Tests for Alzheimer’s Disease

There are multiple methods of testing for Alzheimer’s disease. Many tests use something called a  biomarker. This is a measurable biological factor that indicates the presence or absence of a disease, along with the risk of developing a disease or the progression of a disease. For example, a high blood glucose level is a biomarker of diabetes. 

Doctors can check for biomarkers of this disease using positron emission tomography (PET) imaging. The amounts of beta-amyloid and abnormal tau in the brain can be seen on at PET scan. Doctors  can also test for levels of these same proteins in cerebrospinal fluid and levels of particular groups of proteins in the blood.  

A PET scan can also check levels of glucose metabolism in the brain using the radiotracer fluorodeoxyglucose. Finding a simple and inexpensive test, such as a blood test, to diagnose Alzheimer’s disease would be ideal for patients, physicians, and scientists. Research is underway to develop a low-cost blood test that can identify the disease up to 20 years before symptoms develop. It may be available as soon as 2023.

Finally, doctors can also conduct cognitive tests to measure mental acuity and can compare the results to a standard to establish the extent of brain damage. One common assessment is the Mini-Mental State Exam (MMSE), which measures a range of everyday mental skills. Another typical assessment is the Mini-Cog test which involves two tasks: remembering a list of objects and drawing the time on a clock. Both tests can be used with typical or early-onset Alzheimer’s disease.

Is Alzheimer’s Disease an Autoimmune Disease?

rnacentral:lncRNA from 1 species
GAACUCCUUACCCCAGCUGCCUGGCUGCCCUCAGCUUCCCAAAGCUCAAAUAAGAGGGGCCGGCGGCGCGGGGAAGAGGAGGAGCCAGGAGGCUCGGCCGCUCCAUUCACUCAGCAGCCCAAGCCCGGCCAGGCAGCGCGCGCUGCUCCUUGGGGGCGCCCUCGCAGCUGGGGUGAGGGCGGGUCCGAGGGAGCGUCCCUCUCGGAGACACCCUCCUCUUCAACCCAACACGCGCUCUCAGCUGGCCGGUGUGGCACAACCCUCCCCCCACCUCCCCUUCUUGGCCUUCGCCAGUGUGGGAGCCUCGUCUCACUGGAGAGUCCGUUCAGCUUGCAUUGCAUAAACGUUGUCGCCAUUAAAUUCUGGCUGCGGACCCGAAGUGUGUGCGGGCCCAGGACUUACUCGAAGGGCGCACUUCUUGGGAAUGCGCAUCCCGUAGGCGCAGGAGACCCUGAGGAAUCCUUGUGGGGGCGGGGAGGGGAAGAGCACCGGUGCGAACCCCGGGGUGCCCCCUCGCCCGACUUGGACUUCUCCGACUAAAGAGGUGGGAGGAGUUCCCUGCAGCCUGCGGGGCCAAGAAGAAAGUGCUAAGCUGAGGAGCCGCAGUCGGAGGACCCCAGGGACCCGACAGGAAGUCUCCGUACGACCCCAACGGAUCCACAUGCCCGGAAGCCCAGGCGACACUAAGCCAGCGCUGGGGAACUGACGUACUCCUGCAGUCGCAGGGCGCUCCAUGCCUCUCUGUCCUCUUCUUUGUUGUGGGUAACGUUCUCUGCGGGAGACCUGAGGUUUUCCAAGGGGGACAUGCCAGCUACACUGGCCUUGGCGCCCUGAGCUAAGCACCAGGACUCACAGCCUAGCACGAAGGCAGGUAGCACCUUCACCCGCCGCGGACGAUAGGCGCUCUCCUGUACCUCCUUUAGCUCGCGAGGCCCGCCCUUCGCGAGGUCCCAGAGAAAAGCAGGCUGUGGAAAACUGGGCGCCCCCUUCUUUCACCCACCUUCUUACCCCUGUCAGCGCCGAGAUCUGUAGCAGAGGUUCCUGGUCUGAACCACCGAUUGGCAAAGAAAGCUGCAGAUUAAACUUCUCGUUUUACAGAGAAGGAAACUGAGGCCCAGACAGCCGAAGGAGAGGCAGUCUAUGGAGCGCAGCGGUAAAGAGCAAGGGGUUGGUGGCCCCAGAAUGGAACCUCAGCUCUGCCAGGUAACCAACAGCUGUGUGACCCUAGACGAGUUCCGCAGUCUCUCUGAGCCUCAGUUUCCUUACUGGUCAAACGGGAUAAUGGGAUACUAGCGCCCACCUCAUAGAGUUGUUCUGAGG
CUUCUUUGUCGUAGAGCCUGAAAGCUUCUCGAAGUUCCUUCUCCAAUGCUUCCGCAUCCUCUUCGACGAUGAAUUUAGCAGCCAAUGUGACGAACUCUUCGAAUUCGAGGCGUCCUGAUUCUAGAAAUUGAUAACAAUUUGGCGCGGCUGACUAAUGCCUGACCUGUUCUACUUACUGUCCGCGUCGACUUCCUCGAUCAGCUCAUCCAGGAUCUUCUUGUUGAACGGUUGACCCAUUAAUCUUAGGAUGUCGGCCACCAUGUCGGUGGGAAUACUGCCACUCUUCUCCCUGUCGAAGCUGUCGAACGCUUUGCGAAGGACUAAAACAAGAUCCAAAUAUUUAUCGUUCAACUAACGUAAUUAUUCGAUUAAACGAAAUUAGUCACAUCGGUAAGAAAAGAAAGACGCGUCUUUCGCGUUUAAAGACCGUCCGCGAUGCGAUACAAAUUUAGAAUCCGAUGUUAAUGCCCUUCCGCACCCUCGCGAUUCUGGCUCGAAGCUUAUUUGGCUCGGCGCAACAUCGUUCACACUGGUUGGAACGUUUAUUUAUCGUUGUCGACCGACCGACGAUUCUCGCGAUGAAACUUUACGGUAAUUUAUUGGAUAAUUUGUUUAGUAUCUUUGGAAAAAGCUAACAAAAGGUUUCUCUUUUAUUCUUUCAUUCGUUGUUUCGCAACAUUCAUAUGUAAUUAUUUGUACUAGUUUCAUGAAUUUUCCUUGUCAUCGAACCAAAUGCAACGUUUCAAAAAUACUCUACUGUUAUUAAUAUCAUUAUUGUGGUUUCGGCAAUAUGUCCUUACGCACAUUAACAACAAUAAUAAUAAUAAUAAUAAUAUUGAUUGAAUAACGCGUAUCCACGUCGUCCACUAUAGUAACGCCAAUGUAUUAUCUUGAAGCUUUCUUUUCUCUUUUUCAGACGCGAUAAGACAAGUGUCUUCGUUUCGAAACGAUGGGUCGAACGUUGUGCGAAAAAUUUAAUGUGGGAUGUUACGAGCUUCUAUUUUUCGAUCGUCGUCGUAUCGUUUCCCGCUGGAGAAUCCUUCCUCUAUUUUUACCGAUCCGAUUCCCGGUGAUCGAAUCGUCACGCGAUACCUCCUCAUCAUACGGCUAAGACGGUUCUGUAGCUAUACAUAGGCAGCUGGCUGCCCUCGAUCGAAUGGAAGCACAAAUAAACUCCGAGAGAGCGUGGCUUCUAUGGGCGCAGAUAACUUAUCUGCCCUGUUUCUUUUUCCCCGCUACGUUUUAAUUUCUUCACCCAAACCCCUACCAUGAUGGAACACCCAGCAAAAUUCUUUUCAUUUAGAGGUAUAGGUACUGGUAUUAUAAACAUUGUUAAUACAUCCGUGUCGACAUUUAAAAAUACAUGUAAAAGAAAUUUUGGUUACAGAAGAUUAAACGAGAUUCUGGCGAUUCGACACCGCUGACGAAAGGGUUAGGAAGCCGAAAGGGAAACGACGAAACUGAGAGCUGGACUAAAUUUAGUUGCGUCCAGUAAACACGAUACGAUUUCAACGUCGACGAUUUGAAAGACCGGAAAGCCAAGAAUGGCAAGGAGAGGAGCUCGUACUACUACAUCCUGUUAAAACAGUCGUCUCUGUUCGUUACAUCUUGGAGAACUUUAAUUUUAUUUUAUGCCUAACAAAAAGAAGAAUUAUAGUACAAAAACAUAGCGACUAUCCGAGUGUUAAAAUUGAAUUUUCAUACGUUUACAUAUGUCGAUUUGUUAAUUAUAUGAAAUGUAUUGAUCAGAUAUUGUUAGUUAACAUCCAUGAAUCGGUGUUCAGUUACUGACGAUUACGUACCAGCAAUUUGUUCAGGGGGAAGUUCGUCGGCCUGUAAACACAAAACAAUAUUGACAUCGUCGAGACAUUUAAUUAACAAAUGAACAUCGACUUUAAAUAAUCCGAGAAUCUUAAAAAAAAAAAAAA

There is a strong correlation between autoimmunity and Alzheimer’s disease. That is more good news! If Alzheimer’s disease is indeed an autoimmune disorder — and we know how to address autoimmune disease — this can lead to better treatment options. Let’s explore the relationship.

The beta-amyloid plaques and tau proteins associated with Alzheimer’s disease are toxic, and this triggers the immune system cells in the brain called microglia. Microglia attempt to clear these harmful proteins as well as the dead and dying cells they normally clear up. Inflammation occurs when the microglia are unable to keep up with all the dead and damaged cells that need to be cleared. 

As we know, chronic inflammation is the root cause of autoimmunity. As the inflammation may well have been going on for years before any symptoms of the disease are perceived, researchers suspect that the microglia get confused over time by the plaque buildup and begin to attack healthy brain cells in addition to simply clearing the brain of dead or dying cells. This immune system malfunction may be a culprit in the progression of Alzheimer’s disease, or even a cause of the disease itself. 

Further evidence of the connection between Alzheimer’s disease and autoimmunity is that some recent studies have shown an improvement in cognitive tests of Alzheimer’s patients who received an anti-inflammatory drug. The drug, etanercept, is an autoimmune suppressant that conventional medicine uses to treat rheumatoid arthritis, RA. RA has a similar inflammatory response to Alzheimer’s disease. 

What You Do to Prevent or Halt Alzheimer’s Disease?

This is the empowering part! You can take back control of your health and prevent or stop Alzheimer’s disease by using my 4R approach to banishing the inflammation that can lead to autoimmune disease and Alzheimer’s. Even if you or a loved one do start to have symptoms, a change in habits can help slow the progression of this disease. Researchers have discovered a process called neurogenesis which is dictated by your DNA.  

More specifically, a gene called BDNF, or brain-derived neurotrophic factor, supports the formation of neurons, protects existing neurons, and promotes synapse formation. The gene that controls BDNF is activated by lifestyle habits including exercise, caloric restriction, a ketogenic diet, and nutrients such as curcumin and the Omega-3 fat DHA.